Comox Lake Bluffs ER Wardens Report April 9, 2016

Posted April 15, 2016 | Categories : 136,Human Disturbance,Warden Reports |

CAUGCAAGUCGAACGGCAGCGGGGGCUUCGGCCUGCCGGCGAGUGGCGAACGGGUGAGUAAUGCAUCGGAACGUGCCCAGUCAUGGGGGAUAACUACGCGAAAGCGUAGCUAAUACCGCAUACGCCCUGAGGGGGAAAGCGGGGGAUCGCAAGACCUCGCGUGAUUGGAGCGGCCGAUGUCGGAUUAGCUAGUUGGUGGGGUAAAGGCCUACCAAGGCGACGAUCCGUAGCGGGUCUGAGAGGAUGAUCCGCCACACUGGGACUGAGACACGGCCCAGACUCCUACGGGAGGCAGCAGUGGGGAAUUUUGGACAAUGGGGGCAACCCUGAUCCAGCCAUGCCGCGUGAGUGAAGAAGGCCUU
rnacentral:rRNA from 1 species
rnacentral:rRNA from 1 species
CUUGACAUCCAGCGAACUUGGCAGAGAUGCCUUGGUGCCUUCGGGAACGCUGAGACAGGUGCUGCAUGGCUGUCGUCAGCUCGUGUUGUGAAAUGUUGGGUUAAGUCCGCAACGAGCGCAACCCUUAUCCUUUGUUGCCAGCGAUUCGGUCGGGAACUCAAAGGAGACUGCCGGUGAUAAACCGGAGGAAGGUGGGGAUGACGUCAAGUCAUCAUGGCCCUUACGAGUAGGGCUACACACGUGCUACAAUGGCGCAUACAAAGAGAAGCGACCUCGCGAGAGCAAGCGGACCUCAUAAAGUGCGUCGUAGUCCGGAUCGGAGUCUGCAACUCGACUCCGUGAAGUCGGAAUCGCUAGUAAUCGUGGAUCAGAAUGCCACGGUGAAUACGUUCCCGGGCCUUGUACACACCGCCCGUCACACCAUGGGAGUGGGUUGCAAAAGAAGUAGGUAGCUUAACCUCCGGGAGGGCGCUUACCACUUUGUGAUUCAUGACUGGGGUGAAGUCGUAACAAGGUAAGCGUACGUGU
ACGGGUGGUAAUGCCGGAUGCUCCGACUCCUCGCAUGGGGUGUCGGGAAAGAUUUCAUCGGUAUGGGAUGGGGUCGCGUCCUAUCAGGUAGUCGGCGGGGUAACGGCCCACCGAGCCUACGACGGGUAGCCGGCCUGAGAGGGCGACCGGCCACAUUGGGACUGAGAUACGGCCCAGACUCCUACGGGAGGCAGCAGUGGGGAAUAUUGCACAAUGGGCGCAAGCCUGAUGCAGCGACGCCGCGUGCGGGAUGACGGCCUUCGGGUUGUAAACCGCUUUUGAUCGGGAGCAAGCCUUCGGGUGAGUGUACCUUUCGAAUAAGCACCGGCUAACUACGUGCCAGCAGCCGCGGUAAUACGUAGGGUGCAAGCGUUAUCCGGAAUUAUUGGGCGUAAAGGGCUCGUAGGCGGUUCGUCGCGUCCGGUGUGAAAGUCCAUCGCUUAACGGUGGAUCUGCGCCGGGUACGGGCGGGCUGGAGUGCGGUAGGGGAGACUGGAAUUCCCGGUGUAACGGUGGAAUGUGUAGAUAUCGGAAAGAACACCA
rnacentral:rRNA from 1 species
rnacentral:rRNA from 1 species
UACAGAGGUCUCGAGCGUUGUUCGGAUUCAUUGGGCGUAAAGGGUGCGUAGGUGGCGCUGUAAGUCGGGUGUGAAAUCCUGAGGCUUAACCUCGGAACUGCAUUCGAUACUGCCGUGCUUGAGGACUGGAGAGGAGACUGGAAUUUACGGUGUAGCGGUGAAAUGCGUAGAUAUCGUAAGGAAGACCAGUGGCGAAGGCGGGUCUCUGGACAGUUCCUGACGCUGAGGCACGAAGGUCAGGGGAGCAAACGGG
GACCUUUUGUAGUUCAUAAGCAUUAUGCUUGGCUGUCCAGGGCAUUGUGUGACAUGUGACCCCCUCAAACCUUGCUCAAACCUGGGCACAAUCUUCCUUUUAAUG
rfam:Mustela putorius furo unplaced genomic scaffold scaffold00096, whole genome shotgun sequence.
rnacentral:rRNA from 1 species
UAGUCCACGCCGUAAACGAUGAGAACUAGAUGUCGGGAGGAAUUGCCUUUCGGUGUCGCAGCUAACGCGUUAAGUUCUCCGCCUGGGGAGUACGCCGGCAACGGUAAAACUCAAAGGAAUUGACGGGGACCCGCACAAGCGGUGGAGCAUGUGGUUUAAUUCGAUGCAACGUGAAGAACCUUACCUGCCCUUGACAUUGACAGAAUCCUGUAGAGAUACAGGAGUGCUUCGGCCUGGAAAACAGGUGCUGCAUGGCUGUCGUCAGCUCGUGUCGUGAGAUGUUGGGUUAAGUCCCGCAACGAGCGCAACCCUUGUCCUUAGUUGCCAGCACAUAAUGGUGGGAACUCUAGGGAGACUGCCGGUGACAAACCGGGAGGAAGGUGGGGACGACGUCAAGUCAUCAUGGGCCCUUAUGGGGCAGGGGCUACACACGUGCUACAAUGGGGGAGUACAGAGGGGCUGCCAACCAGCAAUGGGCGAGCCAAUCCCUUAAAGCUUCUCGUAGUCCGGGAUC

A friend and I made a visit to the reserve Saturday 9 April, a calm, beautiful day.  Broom is beginning to bloom on the trail out.  As we entered the reserve we met a fellow on a small motor cycle with three dogs off lead leaving the area; he politely paid attention while I pointed out the sign.  Calypso bulbosa buds are showing at the edge of the woods, one flower already open.  Up on the bluffs it is very dry, the moss is parched and the thin soil is cracking and pulling away from the substrate in places. Hairy manzanita is in full waxy bloom as is kinnikinnick.  The arbutus is still in bud phase but there is a Pacific dogwood in flower.  Not surprisingly there weren’t too many forbs in flower, but here’s our list: a few plants of Saxifraga integrifolia, grassland saxifrage, leaves and stems limp and wilted; chickweed monkeyflower; sea blush just starting to open; small-flowered blue-eyed Mary; several meadow death-camas; a little spring-gold; silverback luina with lots of soft foliage but no buds yet.  We found a fire ring built of rocks, about 30 ins diam, which we dismantled.  A small pine tree had been cut and used for burning, we could see the blade marks and there were still green needles on one branch.  Walking further up the main trail to the NW corner of the reserve, we found Viola glabella and Viola adunca in flower, also Fragaria vesca, wood strawberry.  There was a blue ribbon on the ground by the reserve sign at the NW corner.  The ribbon was printed Legal Boundary, with the MacBlo ‘M’.  We saw a similar ribbon in a tree a little further along the trail beyond the reserve and then two more orange ribbons on the left of the trail printed Reserve Boundary.  It makes me wonder if logging is planned for that section?  On our way back down to the meadow area, we passed several groups of people with dogs heading up to the bluffs, all enjoying the day.  At the meadow was the remains of a large campfire, we dismantled most of the rocks and charcoal as best we could, though we couldn’t get it all.  Through the woods to the popular ATV site, there was little evidence of recent use.  A good end to the day!  Birds heard included northern flicker, NW crow, red- breasted nuthatch, American robin, varied thrush,orange-crowned warbler, yellow-rumped warbler, white-crowned sparrow and blue grouse.  That’s it for now, Mandy